S. Korea To Send Troops To Iraq

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South Korea said Saturday it would send additional troops to help U.S. forces rebuild and stabilize Iraq.

"The government will decide on the number, characteristics and timing of the dispatch after considering the U.S. request and public opinion," said Yoon Tae-young, a spokesman for South Korean President Roh Moo-hyun.

Yoon did not clarify whether the unspecified number of new troops will be combat or non-combat forces. South Korea sent 675 non-combat troops to Iraq earlier this year.

South Korea also plans to contribute $200 million in the next four years to help rebuild Iraq, Yoon said.

Seoul's decision came two days after the U.N. Security Council unanimously adopted a U.S.-led resolution aimed at getting more troops and money to help stabilize Iraq and speed its independence.

The United States has been asking South Korea to send troops to help restore security.

South Korean officials said the United States didn't specify how many troops it wanted, but cited the Polish-led international division of 9,500 troops operating in southern Iraq as an example for South Korean involvement.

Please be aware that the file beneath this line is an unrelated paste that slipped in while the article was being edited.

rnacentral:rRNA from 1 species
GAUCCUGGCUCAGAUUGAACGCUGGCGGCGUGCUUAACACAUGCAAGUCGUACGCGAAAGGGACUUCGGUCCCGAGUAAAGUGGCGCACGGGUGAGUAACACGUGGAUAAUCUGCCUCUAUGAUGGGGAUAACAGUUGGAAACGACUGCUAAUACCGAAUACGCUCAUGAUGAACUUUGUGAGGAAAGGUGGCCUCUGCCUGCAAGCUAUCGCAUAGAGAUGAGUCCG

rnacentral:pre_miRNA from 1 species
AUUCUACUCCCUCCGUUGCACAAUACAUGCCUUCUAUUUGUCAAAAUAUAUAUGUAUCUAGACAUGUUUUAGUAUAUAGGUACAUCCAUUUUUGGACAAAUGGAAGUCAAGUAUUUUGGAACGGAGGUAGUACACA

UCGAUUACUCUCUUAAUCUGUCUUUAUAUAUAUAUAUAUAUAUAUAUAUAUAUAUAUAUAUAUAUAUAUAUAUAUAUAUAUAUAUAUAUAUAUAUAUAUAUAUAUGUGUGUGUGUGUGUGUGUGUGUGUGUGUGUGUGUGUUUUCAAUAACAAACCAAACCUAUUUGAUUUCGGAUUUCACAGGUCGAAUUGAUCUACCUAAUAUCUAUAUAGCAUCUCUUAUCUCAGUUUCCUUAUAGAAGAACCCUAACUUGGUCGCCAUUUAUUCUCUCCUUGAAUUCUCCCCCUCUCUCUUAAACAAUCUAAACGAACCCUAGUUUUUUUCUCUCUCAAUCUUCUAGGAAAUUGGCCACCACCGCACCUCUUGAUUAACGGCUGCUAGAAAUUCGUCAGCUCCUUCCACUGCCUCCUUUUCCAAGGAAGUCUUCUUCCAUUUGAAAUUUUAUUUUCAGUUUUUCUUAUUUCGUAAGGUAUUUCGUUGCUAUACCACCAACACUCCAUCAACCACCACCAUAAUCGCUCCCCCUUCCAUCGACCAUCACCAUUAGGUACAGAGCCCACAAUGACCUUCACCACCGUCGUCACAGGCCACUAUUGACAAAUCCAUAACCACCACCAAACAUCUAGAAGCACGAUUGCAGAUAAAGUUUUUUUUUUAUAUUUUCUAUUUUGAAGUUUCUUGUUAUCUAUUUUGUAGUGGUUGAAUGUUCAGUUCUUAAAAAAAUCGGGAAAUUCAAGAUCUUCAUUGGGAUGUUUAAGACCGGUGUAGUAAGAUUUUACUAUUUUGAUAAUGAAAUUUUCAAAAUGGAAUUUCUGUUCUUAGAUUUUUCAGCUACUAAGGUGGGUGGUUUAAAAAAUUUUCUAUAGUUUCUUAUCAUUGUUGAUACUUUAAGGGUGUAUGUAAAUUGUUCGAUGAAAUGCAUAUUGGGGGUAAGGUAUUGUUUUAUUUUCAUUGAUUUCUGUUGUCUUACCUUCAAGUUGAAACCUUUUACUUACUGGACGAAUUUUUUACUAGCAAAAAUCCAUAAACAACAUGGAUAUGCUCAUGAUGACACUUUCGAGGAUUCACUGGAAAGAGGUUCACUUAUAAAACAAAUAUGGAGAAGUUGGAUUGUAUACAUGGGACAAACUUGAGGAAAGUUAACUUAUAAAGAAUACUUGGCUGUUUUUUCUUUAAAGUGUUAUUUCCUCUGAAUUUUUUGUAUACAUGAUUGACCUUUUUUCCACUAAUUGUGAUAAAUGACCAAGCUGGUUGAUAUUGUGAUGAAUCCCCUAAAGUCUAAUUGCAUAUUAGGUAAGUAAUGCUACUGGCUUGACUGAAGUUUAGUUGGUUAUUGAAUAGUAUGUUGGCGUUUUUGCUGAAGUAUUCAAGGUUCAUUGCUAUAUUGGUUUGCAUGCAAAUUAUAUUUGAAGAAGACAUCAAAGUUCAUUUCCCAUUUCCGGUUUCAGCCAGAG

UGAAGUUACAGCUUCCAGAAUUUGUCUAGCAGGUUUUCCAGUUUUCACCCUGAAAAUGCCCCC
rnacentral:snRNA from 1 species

South Korea had been saying it would make a decision after considering several factors, including public opinion.

Koreans are divided over sending troops to Iraq. Some believe it would boost Seoul's military alliance with Washington, which is vital to South Korea's national security. Others say the U.S. military operations in Iraq were unjustified, and South Korea shouldn't send soldiers.

The earlier dispatch of non-combat troops prompted protests in Seoul.

Roh has also said he feared North Korea could take measures that would cause a deterioration of the situation on the Korean Peninsula if South Korea dispatches combat troops to Iraq.

On Friday, South Korea said it would seek ways to support the U.N. resolution.

"Our country, a U.N. member, will explore possible ways to participate in implementing the resolution," said Oh Joon, head of the Foreign Ministry's international organizations bureau.

The U.N. Security Council unanimously adopted the resolution Thursday, which was seen as a diplomatic victory for Washington after the bitter dispute over the war.

Some 37,000 U.S. troops are based in South Korea, a legacy of the 1950-53 Korean War.